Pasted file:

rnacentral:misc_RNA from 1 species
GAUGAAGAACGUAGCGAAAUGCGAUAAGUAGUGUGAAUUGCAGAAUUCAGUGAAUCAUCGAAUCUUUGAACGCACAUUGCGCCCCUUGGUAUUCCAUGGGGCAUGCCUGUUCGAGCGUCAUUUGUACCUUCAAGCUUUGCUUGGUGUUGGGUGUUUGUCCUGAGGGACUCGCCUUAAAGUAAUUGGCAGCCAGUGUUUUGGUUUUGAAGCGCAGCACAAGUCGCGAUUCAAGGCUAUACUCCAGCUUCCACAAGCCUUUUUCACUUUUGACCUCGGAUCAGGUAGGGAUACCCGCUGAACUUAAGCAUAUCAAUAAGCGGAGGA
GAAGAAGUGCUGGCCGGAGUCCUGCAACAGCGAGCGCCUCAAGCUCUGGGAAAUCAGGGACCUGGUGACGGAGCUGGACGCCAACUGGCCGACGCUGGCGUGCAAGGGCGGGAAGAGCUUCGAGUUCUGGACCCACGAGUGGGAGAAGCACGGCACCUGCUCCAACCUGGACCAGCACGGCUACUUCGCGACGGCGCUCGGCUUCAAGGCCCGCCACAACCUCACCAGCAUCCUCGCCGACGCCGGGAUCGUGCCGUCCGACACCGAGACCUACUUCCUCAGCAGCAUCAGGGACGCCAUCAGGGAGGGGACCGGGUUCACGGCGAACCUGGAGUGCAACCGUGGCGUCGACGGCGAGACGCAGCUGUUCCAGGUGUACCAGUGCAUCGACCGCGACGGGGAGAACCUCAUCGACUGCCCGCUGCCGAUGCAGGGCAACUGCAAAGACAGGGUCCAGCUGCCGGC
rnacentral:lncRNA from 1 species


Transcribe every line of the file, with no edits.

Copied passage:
rnacentral:misc_RNA from 1 species
GAUGAAGAACGUAGCGAAAUGCGAUAAGUAGUGUGAAUUGCAGAAUUCAGUGAAUCAUCGAAUCUUUGAACGCACAUUGCGCCCCUUGGUAUUCCAUGGGGCAUGCCUGUUCGAGCGUCAUUUGUACCUUCAAGCUUUGCUUGGUGUUGGGUGUUUGUCCUGAGGGACUCGCCUUAAAGUAAUUGGCAGCCAGUGUUUUGGUUUUGAAGCGCAGCACAAGUCGCGAUUCAAGGCUAUACUCCAGCUUCCACAAGCCUUUUUCACUUUUGACCUCGGAUCAGGUAGGGAUACCCGCUGAACUUAAGCAUAUCAAUAAGCGGAGGA
GAAGAAGUGCUGGCCGGAGUCCUGCAACAGCGAGCGCCUCAAGCUCUGGGAAAUCAGGGACCUGGUGACGGAGCUGGACGCCAACUGGCCGACGCUGGCGUGCAAGGGCGGGAAGAGCUUCGAGUUCUGGACCCACGAGUGGGAGAAGCACGGCACCUGCUCCAACCUGGACCAGCACGGCUACUUCGCGACGGCGCUCGGCUUCAAGGCCCGCCACAACCUCACCAGCAUCCUCGCCGACGCCGGGAUCGUGCCGUCCGACACCGAGACCUACUUCCUCAGCAGCAUCAGGGACGCCAUCAGGGAGGGGACCGGGUUCACGGCGAACCUGGAGUGCAACCGUGGCGUCGACGGCGAGACGCAGCUGUUCCAGGUGUACCAGUGCAUCGACCGCGACGGGGAGAACCUCAUCGACUGCCCGCUGCCGAUGCAGGGCAACUGCAAAGACAGGGUCCAGCUGCCGGC
rnacentral:lncRNA from 1 species